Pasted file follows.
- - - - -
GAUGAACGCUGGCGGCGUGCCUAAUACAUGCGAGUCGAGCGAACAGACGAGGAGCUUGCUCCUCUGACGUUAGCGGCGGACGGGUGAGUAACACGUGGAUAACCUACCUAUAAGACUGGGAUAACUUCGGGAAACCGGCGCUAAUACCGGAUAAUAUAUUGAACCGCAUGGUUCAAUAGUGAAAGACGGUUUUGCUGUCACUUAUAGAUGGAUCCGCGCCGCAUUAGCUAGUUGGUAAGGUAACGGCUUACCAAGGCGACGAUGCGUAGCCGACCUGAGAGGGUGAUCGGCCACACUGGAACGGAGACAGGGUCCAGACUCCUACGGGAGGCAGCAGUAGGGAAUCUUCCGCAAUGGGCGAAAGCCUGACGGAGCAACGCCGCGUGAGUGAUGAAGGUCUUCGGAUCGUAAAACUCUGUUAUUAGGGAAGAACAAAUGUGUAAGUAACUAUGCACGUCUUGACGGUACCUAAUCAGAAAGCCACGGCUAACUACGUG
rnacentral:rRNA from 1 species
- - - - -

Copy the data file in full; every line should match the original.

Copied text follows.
GAUGAACGCUGGCGGCGUGCCUAAUACAUGCGAGUCGAGCGAACAGACGAGGAGCUUGCUCCUCUGACGUUAGCGGCGGACGGGUGAGUAACACGUGGAUAACCUACCUAUAAGACUGGGAUAACUUCGGGAAACCGGCGCUAAUACCGGAUAAUAUAUUGAACCGCAUGGUUCAAUAGUGAAAGACGGUUUUGCUGUCACUUAUAGAUGGAUCCGCGCCGCAUUAGCUAGUUGGUAAGGUAACGGCUUACCAAGGCGACGAUGCGUAGCCGACCUGAGAGGGUGAUCGGCCACACUGGAACGGAGACAGGGUCCAGACUCCUACGGGAGGCAGCAGUAGGGAAUCUUCCGCAAUGGGCGAAAGCCUGACGGAGCAACGCCGCGUGAGUGAUGAAGGUCUUCGGAUCGUAAAACUCUGUUAUUAGGGAAGAACAAAUGUGUAAGUAACUAUGCACGUCUUGACGGUACCUAAUCAGAAAGCCACGGCUAACUACGUG
rnacentral:rRNA from 1 species